Pride and Prejudice

by Tim Spray

Was anybody really surprised by what happened? A dubious penalty decision. Check. VAR isn’t on our side anymore. Check. We were the better team. Check

Like the large majority of football supporters, I am prone to being irrational and reactive. Especially whilst watching my team. I watch Tottenham through Spurs-tinted glasses. We are always hard done by. There is usually always somebody that can be blamed if it has all gone wrong. 

But following Saturday’s defeat I came away from the game feeling fairly level-headed. I think I did, anyway. Maybe it was just the Beavertown.

As Tottenham supporters we are designed for this. We are built to expect the worst. We’ve had years of practice. Pessimism is largely ingrained in us; a defence mechanism in preparation of the inevitable. 

Was anybody really surprised by what happened? A dubious penalty decision. Check. VAR isn’t on our side anymore. Check. We were the better team. Check. Yet we go home empty-handed. Spursy.

I had dreamt of the glory in victory and the celebrations that would have followed. The opportunity to sing “Champions of Europe” at that lot down the road. But I had prepared myself for the worst too. Mostly with that Beavertown again.

Maybe I should have been expecting more. Something special was happening. We had shown balls of steel to get this far. Our journey to Madrid seemed to be over on numerous occasions, but somehow we kept pulling it back. Maybe this was our year? 

History has taught me to expect the worst though. Unfair and unreasonable based on what this team had produced to get this far? Maybe, but I was still prepared, just in case. It’s the natural instinct.

We have a made an unnerving habit of hitting the self-destruct button early in big games. We all knew we couldn’t afford to concede early. Liverpool were going to come flying out of the traps and we would need to be focused and solid defensively. We needed to keep it tight. Let’s not give away an early goal, as so often happens.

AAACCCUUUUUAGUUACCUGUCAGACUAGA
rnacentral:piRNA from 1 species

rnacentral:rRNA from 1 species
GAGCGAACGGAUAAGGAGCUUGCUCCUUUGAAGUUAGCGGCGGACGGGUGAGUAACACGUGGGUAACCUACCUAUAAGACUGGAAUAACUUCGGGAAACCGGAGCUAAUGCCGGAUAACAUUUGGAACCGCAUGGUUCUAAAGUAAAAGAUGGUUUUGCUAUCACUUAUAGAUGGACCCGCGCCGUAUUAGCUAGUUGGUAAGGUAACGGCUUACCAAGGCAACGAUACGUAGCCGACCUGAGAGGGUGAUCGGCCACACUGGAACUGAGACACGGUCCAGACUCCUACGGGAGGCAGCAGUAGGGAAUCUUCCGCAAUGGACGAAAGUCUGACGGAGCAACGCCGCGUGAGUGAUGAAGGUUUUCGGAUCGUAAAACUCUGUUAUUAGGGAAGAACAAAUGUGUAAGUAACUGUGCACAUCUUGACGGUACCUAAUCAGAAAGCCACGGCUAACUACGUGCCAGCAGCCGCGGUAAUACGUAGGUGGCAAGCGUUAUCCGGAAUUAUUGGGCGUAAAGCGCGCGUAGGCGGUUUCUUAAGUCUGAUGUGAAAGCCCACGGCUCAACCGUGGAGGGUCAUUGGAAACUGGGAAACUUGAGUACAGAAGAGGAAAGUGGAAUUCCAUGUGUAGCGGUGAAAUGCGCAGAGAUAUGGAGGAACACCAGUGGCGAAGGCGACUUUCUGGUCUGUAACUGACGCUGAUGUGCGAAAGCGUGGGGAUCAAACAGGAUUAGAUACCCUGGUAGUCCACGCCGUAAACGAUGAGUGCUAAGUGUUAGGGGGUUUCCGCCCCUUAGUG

However, it was worse than could even have been imagined. The nightmare start, 25 seconds into the biggest game in our history and we concede a soft penalty. You can’t make this stuff up. You have to laugh, otherwise you would cry. Proper gallows humour.

But this is what makes our support so great. We do not have that horrible, classless, self-entitlement that certain fan bases are cursed with. Both Liverpool and Woolwich are burdened with a detestable support who seem to believe they have some God-given right to win. I guess this is what makes both of them so unlikeable. Amongst other things, obviously.

After a defeat like this, it would be my usual reaction to immediately change the channel at full time. But instead I kept watching. Watching to see our supporters in the stadium applauding the team. Listening to hear them still singing. Watching to see the players dejectedly collecting their runners-up medals. Then I quickly turned it over before Liverpool lifted the trophy.

Even in defeat though, my overwhelming feeling post-match is pride. For a large part of my life I could only dream that we might qualify for Europe, hoping that we might get a place in the UEFA Cup maybe. Checking the Fair Play table to see if we might top it, or wondering if we should have a real go at the Intertoto Cup. Now, here we are, playing in a European Cup final. That is the stuff of dreams.

As a Spurs supporter you have to dream. If supporting your team is based solely on winning trophies, you are really missing out on so much else. You are definitely following the wrong team. Supporting a football team needs to be about moments, just as much as trophies. And what we have produced during this run to the final are memories that will last forever.